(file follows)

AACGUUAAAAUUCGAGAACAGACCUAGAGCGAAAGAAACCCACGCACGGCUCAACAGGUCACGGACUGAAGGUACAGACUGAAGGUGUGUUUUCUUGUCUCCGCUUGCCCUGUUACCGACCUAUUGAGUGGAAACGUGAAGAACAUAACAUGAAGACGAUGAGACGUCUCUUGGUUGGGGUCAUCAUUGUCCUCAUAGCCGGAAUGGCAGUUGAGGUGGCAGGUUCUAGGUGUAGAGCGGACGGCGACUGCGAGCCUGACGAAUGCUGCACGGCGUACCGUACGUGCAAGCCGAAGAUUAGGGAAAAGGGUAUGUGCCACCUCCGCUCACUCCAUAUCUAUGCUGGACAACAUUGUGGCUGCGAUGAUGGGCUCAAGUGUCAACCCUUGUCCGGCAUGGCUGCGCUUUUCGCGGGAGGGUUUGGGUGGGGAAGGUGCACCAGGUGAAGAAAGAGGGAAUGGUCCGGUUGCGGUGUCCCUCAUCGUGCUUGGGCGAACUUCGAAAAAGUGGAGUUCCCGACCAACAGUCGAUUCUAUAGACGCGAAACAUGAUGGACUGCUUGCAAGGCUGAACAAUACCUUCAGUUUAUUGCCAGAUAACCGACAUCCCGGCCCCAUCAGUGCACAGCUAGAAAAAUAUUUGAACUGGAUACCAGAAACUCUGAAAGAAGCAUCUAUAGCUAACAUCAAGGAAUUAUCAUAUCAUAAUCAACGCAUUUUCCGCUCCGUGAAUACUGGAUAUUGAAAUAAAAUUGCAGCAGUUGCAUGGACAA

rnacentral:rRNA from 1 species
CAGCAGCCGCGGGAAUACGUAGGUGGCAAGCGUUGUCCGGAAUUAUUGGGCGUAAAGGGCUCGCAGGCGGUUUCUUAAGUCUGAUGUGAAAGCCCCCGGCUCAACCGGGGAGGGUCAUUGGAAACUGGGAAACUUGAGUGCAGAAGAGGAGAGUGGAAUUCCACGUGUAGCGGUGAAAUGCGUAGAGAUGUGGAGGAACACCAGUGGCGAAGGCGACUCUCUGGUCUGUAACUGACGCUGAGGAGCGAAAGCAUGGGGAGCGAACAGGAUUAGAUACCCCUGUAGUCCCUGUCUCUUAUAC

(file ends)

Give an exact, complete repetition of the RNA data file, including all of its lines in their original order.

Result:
AACGUUAAAAUUCGAGAACAGACCUAGAGCGAAAGAAACCCACGCACGGCUCAACAGGUCACGGACUGAAGGUACAGACUGAAGGUGUGUUUUCUUGUCUCCGCUUGCCCUGUUACCGACCUAUUGAGUGGAAACGUGAAGAACAUAACAUGAAGACGAUGAGACGUCUCUUGGUUGGGGUCAUCAUUGUCCUCAUAGCCGGAAUGGCAGUUGAGGUGGCAGGUUCUAGGUGUAGAGCGGACGGCGACUGCGAGCCUGACGAAUGCUGCACGGCGUACCGUACGUGCAAGCCGAAGAUUAGGGAAAAGGGUAUGUGCCACCUCCGCUCACUCCAUAUCUAUGCUGGACAACAUUGUGGCUGCGAUGAUGGGCUCAAGUGUCAACCCUUGUCCGGCAUGGCUGCGCUUUUCGCGGGAGGGUUUGGGUGGGGAAGGUGCACCAGGUGAAGAAAGAGGGAAUGGUCCGGUUGCGGUGUCCCUCAUCGUGCUUGGGCGAACUUCGAAAAAGUGGAGUUCCCGACCAACAGUCGAUUCUAUAGACGCGAAACAUGAUGGACUGCUUGCAAGGCUGAACAAUACCUUCAGUUUAUUGCCAGAUAACCGACAUCCCGGCCCCAUCAGUGCACAGCUAGAAAAAUAUUUGAACUGGAUACCAGAAACUCUGAAAGAAGCAUCUAUAGCUAACAUCAAGGAAUUAUCAUAUCAUAAUCAACGCAUUUUCCGCUCCGUGAAUACUGGAUAUUGAAAUAAAAUUGCAGCAGUUGCAUGGACAA

rnacentral:rRNA from 1 species
CAGCAGCCGCGGGAAUACGUAGGUGGCAAGCGUUGUCCGGAAUUAUUGGGCGUAAAGGGCUCGCAGGCGGUUUCUUAAGUCUGAUGUGAAAGCCCCCGGCUCAACCGGGGAGGGUCAUUGGAAACUGGGAAACUUGAGUGCAGAAGAGGAGAGUGGAAUUCCACGUGUAGCGGUGAAAUGCGUAGAGAUGUGGAGGAACACCAGUGGCGAAGGCGACUCUCUGGUCUGUAACUGACGCUGAGGAGCGAAAGCAUGGGGAGCGAACAGGAUUAGAUACCCCUGUAGUCCCUGUCUCUUAUAC